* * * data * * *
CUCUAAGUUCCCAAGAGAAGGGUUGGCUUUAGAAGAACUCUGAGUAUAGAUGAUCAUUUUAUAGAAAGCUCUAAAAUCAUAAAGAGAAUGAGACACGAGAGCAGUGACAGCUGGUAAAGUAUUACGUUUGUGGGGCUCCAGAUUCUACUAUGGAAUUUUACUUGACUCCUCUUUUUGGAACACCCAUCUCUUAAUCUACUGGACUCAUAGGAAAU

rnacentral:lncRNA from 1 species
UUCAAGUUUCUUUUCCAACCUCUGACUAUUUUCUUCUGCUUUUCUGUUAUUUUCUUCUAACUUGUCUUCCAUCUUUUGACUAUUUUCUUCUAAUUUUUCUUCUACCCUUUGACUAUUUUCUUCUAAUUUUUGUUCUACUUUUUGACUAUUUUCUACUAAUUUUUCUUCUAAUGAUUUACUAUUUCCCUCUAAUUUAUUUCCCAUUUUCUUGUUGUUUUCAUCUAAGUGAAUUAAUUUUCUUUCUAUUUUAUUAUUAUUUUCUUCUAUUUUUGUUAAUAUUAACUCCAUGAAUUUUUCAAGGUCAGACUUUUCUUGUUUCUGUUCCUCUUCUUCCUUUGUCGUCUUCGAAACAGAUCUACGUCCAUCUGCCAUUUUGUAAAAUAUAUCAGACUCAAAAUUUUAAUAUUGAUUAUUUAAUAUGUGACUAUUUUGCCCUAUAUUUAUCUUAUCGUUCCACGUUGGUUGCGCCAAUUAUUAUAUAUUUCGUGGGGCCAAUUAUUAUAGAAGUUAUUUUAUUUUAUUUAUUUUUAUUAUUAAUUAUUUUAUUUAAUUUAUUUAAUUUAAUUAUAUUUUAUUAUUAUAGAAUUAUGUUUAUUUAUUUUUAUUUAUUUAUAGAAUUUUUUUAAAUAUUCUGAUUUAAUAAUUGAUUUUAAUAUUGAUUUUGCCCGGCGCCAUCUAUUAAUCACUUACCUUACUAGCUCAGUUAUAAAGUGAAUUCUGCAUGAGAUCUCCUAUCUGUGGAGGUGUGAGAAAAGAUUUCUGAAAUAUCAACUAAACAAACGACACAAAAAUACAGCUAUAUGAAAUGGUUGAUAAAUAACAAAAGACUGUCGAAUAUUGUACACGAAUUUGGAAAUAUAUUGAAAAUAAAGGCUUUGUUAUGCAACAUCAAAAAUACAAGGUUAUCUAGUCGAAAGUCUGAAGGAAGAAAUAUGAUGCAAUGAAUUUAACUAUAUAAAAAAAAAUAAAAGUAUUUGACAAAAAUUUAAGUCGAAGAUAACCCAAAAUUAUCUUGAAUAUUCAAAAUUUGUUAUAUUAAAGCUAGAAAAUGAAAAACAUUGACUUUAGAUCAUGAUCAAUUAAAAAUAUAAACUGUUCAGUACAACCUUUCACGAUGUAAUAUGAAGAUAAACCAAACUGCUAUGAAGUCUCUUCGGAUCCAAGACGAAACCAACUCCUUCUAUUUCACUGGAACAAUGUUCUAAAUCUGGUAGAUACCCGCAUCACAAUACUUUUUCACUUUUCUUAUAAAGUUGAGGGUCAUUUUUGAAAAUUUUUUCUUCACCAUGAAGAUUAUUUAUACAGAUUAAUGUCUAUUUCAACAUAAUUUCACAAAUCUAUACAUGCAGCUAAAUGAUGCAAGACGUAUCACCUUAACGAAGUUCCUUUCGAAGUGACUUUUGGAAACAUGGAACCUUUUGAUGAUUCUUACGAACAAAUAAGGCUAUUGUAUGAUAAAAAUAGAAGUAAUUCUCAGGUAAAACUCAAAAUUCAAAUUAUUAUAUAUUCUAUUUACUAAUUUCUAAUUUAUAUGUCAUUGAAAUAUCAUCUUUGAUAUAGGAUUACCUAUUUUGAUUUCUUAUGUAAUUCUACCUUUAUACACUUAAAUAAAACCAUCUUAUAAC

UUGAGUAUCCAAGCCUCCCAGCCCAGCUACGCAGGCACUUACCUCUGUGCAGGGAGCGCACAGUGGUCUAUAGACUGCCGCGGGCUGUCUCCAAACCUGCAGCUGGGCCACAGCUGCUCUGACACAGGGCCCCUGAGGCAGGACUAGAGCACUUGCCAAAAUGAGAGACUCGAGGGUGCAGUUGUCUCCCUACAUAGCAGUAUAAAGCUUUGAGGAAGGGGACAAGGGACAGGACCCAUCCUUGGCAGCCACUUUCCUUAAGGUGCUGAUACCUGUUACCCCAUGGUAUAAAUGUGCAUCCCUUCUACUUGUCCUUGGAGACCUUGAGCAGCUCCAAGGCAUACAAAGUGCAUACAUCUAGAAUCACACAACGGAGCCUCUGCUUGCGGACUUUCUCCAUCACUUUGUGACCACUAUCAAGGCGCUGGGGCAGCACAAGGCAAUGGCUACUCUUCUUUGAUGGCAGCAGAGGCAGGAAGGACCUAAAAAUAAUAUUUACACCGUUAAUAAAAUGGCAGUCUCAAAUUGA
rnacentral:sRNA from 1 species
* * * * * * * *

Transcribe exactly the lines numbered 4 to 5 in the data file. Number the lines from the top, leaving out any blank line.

UUGAGUAUCCAAGCCUCCCAGCCCAGCUACGCAGGCACUUACCUCUGUGCAGGGAGCGCACAGUGGUCUAUAGACUGCCGCGGGCUGUCUCCAAACCUGCAGCUGGGCCACAGCUGCUCUGACACAGGGCCCCUGAGGCAGGACUAGAGCACUUGCCAAAAUGAGAGACUCGAGGGUGCAGUUGUCUCCCUACAUAGCAGUAUAAAGCUUUGAGGAAGGGGACAAGGGACAGGACCCAUCCUUGGCAGCCACUUUCCUUAAGGUGCUGAUACCUGUUACCCCAUGGUAUAAAUGUGCAUCCCUUCUACUUGUCCUUGGAGACCUUGAGCAGCUCCAAGGCAUACAAAGUGCAUACAUCUAGAAUCACACAACGGAGCCUCUGCUUGCGGACUUUCUCCAUCACUUUGUGACCACUAUCAAGGCGCUGGGGCAGCACAAGGCAAUGGCUACUCUUCUUUGAUGGCAGCAGAGGCAGGAAGGACCUAAAAAUAAUAUUUACACCGUUAAUAAAAUGGCAGUCUCAAAUUGA
rnacentral:sRNA from 1 species